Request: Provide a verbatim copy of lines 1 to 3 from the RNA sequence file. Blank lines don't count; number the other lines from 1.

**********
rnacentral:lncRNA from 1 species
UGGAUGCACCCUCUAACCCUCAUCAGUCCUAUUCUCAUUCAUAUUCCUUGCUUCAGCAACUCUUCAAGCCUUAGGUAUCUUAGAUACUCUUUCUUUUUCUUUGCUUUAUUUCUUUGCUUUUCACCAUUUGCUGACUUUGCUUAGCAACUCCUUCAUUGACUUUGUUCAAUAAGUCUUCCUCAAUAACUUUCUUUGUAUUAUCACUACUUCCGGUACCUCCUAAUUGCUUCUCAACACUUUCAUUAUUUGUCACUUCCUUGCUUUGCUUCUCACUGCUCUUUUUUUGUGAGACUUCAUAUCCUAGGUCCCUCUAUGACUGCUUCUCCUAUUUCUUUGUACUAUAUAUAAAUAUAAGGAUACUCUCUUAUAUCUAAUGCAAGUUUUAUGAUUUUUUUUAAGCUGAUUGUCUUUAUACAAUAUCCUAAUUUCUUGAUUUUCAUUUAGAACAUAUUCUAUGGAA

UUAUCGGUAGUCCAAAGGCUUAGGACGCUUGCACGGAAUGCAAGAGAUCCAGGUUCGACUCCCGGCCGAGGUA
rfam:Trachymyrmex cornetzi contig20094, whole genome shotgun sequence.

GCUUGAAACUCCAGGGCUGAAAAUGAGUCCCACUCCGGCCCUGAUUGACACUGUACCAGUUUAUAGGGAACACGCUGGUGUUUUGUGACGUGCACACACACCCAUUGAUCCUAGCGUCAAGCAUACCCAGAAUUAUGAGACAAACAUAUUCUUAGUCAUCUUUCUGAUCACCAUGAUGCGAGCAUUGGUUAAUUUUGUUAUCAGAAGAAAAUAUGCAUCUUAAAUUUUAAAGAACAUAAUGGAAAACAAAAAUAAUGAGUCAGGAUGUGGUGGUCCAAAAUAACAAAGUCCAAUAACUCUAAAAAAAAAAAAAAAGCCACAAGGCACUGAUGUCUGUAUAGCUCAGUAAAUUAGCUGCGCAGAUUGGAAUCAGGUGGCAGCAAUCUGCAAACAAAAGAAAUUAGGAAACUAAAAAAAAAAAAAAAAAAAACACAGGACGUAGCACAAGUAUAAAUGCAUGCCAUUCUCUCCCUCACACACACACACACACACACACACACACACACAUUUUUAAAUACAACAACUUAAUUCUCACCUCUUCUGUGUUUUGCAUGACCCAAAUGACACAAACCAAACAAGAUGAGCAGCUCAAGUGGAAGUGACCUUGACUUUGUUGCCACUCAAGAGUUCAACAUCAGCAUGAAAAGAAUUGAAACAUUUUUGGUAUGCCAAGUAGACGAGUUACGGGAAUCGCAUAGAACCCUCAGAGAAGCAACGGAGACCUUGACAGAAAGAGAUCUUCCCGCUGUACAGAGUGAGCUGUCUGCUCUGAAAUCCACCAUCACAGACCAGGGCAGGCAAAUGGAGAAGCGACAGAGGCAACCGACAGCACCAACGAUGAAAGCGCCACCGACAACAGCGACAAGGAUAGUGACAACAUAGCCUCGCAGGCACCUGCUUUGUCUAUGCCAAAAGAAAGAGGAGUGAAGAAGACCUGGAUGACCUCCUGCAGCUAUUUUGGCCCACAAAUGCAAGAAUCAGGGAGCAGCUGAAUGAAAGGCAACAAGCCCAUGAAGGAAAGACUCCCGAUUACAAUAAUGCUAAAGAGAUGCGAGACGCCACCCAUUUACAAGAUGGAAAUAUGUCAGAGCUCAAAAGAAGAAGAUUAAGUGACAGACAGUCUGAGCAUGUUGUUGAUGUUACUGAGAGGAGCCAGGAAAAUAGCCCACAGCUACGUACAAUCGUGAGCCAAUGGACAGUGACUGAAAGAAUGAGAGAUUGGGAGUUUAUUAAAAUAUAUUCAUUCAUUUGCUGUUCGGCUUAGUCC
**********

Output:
rnacentral:lncRNA from 1 species
UGGAUGCACCCUCUAACCCUCAUCAGUCCUAUUCUCAUUCAUAUUCCUUGCUUCAGCAACUCUUCAAGCCUUAGGUAUCUUAGAUACUCUUUCUUUUUCUUUGCUUUAUUUCUUUGCUUUUCACCAUUUGCUGACUUUGCUUAGCAACUCCUUCAUUGACUUUGUUCAAUAAGUCUUCCUCAAUAACUUUCUUUGUAUUAUCACUACUUCCGGUACCUCCUAAUUGCUUCUCAACACUUUCAUUAUUUGUCACUUCCUUGCUUUGCUUCUCACUGCUCUUUUUUUGUGAGACUUCAUAUCCUAGGUCCCUCUAUGACUGCUUCUCCUAUUUCUUUGUACUAUAUAUAAAUAUAAGGAUACUCUCUUAUAUCUAAUGCAAGUUUUAUGAUUUUUUUUAAGCUGAUUGUCUUUAUACAAUAUCCUAAUUUCUUGAUUUUCAUUUAGAACAUAUUCUAUGGAA

UUAUCGGUAGUCCAAAGGCUUAGGACGCUUGCACGGAAUGCAAGAGAUCCAGGUUCGACUCCCGGCCGAGGUA